Ryan exits CSFB

It’s a wonder that Phil Ryan survived his five years as CFO of Credit Suisse.

It’s a wonder that Phil Ryan survived his five years as CFO of Credit Suisse. For starters, since 2003 he has had to accommodate ambitious co-CEOs -- one in Zurich, the other in New York -- while trying to stay on top of the financial affairs of a $21 billion business operating in 50 countries. To that brief, add the $12 billion acquisition of U.S. investment bank DLJ at the height of the tech bubble and a staggering $2.43 billion loss in 2002 that led to the ouster of Ryan’s then-boss, Credit Suisse chairman and CEO Lukas Mühlemann.

Ryan, 47, who announced last month that he would be leaving Credit Suisse in August, is given much of the credit for restoring investors’ trust in the bank following the earnings debacle. He shored up the balance sheet by cutting costs and selling off businesses, and not once did this veteran investment banker resort to a capital increase. “It was ugly for a while, but everything we said would happen has happened,” says Ryan. The bank earned an adjusted $4 billion or so in 2003. Credit Suisse would like to persuade Ryan to stay on in some capacity; he hasn’t said what he plans to do after leaving.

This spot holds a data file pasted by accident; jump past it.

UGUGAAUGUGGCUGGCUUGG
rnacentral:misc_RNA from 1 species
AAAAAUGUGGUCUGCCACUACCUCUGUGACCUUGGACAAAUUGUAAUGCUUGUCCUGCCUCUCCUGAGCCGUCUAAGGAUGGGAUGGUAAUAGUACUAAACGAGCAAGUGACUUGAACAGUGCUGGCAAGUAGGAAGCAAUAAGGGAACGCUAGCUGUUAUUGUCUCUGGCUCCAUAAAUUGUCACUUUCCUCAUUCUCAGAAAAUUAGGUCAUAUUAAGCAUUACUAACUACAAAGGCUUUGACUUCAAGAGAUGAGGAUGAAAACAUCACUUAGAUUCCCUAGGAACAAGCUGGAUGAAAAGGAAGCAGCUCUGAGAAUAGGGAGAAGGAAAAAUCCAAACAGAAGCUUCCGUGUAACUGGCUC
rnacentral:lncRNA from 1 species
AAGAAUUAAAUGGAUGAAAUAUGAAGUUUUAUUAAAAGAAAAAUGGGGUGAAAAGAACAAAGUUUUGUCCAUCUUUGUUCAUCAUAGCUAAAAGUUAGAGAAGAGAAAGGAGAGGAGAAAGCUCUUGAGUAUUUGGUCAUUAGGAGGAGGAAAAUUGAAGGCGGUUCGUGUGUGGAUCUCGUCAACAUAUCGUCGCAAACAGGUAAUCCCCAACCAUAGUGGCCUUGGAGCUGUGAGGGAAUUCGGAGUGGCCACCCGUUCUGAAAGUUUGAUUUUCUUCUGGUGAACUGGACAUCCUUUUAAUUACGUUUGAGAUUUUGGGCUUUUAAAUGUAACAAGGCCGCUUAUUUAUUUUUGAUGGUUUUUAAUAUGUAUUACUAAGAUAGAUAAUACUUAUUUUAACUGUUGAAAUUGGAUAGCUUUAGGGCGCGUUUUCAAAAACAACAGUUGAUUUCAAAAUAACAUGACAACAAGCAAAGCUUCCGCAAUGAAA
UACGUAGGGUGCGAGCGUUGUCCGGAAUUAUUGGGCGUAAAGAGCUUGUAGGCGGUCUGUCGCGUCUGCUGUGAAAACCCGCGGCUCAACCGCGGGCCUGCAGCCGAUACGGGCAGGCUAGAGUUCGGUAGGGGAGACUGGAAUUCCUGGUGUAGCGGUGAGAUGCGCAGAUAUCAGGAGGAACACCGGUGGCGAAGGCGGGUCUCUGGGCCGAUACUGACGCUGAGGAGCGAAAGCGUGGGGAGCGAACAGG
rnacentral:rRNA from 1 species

A Midwesterner with an aw-shucks manner, Ryan was promoted to group CFO by Mühlemann after 20 years with Credit Suisse First Boston. His influence, however, waned after co-CEOs John Mack, who runs CSFB out of New York, and Oswald Grübel, who heads Credit Suisse Financial Services out of Zurich, appointed their own CFOs and put them on the group’s executive board alongside Ryan.

Then the bank announced on March 26 that because of an accounting blunder at an insurance affiliate, it had overstated its 2003 profits by Sf200 million ($156 million). Ryan, admired for his communication skills, had to step in to reassure the markets.

Moving into Ryan’s seat is Renato Fassbind, 49, the controversial former CFO of ABB. He was a member of the management team running the Swiss-Swedish engineering firm in 2002 when it was forced to do an emergency rights issue to stave off collapsing under a mountain of high-yield short-term notes.